Rakab Ganj Gurudwara, despite being across the street from Parliament House, was subjected to a prolonged siege in which its periphery was damaged, and two Sikhs were roasted alive. The attack on Rakab Ganj Gurudwara was also remarkable for the fact that it was probably the first, and so far, the only instance in the history of mass violence in India, where a political leader admitted to being on the spot. And such an instance ironically occurred in the immediate vicinity of India’s parliament.
The leader in question was Kamal Nath, who was at the time of the 1984 carnage, an up and coming Congress MP from Madhya Pradesh, and is now a cabinet minister holding a key economic portfolio in the Manmohan Singh government. In a siege that lasted over five hours, Kamal Nath is said to have been there for over two hours.
Given the strategic location of Rakab Ganj Gurudwara, Kamal Nath’s presence there was confirmed by two of the senior-most officers, Commissioner Subhash Tandan, and Additional Commissioner Guatam Kaul, as also by an independent source, The Indian Express reporter, Sanjay Suri.
This is more than could be said about any of the Congress MPs from Delhi, whether HKL Bhagat, Jagdish Tytler, Sajjan Kumar or Dharam Dass Shastri, as the charge of their complicity was based entirely on the testimony of victims...
That he [Nath] was there at all, for whatever reason, was extraordinary, given that the other Congress leaders were discreet enough not to hobnob with mobs in places where they were liable to be noticed by journalists...
Since Kamal Nath spent two hours in front of Rakab Ganj Gurudwara on November 1, The Indian Express reported the next day that he had led the mob. The inference of his complicity was no reflex action, as made clear by journalist, Sanjay Suri, in his report as also in his affidavit before the Misra Commission, and oral deposition before the Nanavati Commission. Suri found that Kamal Nath was “controlling the crowd” which he said was “looking to him for directions.” Though he could not vouch for what exactly Kamal Nath had told the crowd, Suri said that “some mobs had charged at the gurdwara” in the Congress leader’s presence. Equally significant, he testified that while all that drama was going on, the bodies of those Sikhs were “still burning on the roadside.”
Thus, the Rakab Ganj Gurdwara episode provided the first and perhaps the only contemporaneous report of a Congress leader’s involvement in the carnage. A day later, on November 3, The Statesman referred to Kamal Nath’s presence at Rakab Ganj while analysing the carnage: “Policemen criticised the role of politicians too. Several councillors, they alleged, interceded on behalf of violent mobs when policemen tried to stop arson. Officers wondered what Mr Kamal Nath was doing at Rakab Ganj.”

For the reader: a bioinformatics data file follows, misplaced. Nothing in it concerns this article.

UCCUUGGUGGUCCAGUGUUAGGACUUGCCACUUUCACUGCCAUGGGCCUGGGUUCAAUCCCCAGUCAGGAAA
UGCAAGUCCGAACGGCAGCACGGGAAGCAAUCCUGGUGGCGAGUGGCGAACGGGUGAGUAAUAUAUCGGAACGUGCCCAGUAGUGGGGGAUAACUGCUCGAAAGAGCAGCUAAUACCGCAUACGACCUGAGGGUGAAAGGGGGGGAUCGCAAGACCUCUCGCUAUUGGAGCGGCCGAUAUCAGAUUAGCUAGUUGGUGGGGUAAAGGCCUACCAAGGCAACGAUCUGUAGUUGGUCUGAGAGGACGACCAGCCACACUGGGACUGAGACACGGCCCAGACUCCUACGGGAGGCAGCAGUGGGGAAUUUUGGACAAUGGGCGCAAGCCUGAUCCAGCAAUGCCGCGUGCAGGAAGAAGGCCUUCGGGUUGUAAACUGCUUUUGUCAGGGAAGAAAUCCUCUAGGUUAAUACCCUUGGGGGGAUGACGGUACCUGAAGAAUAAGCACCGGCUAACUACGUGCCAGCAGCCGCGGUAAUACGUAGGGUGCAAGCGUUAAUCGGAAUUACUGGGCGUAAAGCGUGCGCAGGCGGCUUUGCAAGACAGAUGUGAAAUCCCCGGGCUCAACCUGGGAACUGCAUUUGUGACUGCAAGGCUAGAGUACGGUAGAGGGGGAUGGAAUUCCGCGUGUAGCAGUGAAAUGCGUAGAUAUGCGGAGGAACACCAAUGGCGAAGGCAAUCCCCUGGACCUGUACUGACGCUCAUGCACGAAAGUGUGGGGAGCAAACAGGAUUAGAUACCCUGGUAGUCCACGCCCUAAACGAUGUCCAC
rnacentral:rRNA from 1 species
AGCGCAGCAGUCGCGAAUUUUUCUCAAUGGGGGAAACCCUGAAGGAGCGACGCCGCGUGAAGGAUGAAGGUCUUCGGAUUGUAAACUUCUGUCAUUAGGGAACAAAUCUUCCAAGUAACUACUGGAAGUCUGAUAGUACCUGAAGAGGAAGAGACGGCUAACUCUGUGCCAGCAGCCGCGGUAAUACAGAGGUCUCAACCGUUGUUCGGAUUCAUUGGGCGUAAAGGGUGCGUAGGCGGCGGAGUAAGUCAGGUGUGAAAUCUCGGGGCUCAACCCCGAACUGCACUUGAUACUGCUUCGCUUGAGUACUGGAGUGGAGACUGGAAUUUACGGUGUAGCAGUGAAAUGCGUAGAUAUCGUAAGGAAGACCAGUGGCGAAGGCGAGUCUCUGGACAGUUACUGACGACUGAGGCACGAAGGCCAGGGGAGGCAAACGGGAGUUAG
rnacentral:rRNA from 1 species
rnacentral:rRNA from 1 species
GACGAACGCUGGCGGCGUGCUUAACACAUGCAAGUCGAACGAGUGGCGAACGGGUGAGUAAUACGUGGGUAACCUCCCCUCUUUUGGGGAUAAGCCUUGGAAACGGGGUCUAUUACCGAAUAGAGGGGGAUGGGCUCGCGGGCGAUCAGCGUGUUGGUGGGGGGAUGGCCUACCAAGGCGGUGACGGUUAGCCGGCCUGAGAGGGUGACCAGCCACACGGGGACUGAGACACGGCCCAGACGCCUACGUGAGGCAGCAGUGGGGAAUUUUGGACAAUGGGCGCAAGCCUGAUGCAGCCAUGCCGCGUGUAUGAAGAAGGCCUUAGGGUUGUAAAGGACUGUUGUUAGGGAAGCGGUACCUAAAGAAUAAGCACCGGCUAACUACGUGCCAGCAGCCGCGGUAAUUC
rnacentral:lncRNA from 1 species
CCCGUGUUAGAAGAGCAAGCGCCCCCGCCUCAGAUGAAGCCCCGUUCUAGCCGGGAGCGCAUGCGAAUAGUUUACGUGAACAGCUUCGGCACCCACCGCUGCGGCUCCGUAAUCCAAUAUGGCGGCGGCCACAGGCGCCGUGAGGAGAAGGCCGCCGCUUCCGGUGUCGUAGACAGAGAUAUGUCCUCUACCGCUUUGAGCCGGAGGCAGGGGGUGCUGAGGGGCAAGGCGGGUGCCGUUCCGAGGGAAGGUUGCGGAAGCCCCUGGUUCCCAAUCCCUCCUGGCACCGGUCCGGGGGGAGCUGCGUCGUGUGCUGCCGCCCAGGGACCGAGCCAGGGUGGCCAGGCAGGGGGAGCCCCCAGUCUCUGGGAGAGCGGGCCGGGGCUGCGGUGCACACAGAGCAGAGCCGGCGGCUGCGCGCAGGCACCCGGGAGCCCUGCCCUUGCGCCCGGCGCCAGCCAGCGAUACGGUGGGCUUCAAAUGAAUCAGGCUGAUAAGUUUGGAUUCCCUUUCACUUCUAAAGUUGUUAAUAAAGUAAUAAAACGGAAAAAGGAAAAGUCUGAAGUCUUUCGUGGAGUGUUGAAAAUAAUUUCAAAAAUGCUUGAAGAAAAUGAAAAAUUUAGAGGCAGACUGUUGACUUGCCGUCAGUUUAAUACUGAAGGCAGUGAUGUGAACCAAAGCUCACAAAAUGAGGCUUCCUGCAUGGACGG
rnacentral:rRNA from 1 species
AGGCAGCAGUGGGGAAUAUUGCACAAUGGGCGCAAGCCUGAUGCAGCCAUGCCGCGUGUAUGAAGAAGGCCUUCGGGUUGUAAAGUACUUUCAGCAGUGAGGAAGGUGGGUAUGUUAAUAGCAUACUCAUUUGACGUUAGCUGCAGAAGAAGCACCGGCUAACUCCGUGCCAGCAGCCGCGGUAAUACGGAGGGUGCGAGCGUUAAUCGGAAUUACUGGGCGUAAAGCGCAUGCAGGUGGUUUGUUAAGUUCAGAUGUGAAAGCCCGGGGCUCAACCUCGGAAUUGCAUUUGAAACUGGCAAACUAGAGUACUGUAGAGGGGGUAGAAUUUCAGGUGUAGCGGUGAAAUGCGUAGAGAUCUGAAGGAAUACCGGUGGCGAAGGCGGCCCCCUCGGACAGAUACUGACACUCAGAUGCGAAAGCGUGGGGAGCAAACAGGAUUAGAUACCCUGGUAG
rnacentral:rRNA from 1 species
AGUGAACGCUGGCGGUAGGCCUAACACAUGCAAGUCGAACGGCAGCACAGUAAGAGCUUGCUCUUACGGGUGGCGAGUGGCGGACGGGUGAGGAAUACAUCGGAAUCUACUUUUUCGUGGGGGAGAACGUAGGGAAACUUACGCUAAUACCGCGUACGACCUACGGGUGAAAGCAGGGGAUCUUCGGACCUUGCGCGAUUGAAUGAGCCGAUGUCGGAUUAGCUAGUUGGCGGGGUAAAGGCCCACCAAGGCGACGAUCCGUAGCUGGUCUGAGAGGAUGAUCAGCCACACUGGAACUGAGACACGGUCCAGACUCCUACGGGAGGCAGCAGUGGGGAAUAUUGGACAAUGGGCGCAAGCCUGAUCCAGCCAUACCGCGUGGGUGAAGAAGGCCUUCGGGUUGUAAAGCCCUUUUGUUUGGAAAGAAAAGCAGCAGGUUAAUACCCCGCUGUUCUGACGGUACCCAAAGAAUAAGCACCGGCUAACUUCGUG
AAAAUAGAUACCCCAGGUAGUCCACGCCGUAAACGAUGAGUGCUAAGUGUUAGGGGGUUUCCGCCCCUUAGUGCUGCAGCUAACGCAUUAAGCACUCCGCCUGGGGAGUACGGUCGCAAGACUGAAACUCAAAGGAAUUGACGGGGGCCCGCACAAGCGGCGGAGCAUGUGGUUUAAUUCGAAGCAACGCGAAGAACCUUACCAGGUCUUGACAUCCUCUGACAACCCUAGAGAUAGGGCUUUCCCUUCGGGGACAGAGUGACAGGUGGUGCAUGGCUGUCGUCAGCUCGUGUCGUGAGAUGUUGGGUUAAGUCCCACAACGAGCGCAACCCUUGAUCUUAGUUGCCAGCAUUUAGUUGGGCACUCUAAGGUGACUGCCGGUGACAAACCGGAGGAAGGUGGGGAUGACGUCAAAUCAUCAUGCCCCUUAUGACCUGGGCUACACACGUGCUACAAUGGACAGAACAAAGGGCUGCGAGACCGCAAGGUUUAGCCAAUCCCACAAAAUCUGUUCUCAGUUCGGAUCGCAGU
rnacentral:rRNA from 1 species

Such public exposure of Kamal Nath ensured that Tandan and Kaul had no option but to admit his presence at Rakab Ganj, in their reports, which were placed before the two judicial inquiries. Incidentally, Kaul disclosed that Kamal Nath had turned up at Rakab Ganj saying that he had been sent by Prime Minister Rajiv Gandhi. And when Kamal Nath himself was served a notice by the Nanavati Commission almost two decades later, by when he had become commerce minister in the Manmohan Singh government, he too acknowledged his presence at the scene of crime. But Kamal Nath, of course, denied the allegations of journalist Sanjay Suri; and victim, Mukhtiar Singh, that he had led the mob or had any control over it.
The Nanavati Commission on its part held that Kamal Nath’s reply was “vague”. The Congress MP was unable to explain why he was in front of the gurdwara for about two hours, which, as the commission said, was “quite a long time”. The commission also found it “a little strange that he left the place abruptly without even contacting the police officers who had come there.” If he still escaped indictment, and the Manmohan Singh government averted a major embarrassment, they should consider themselves lucky.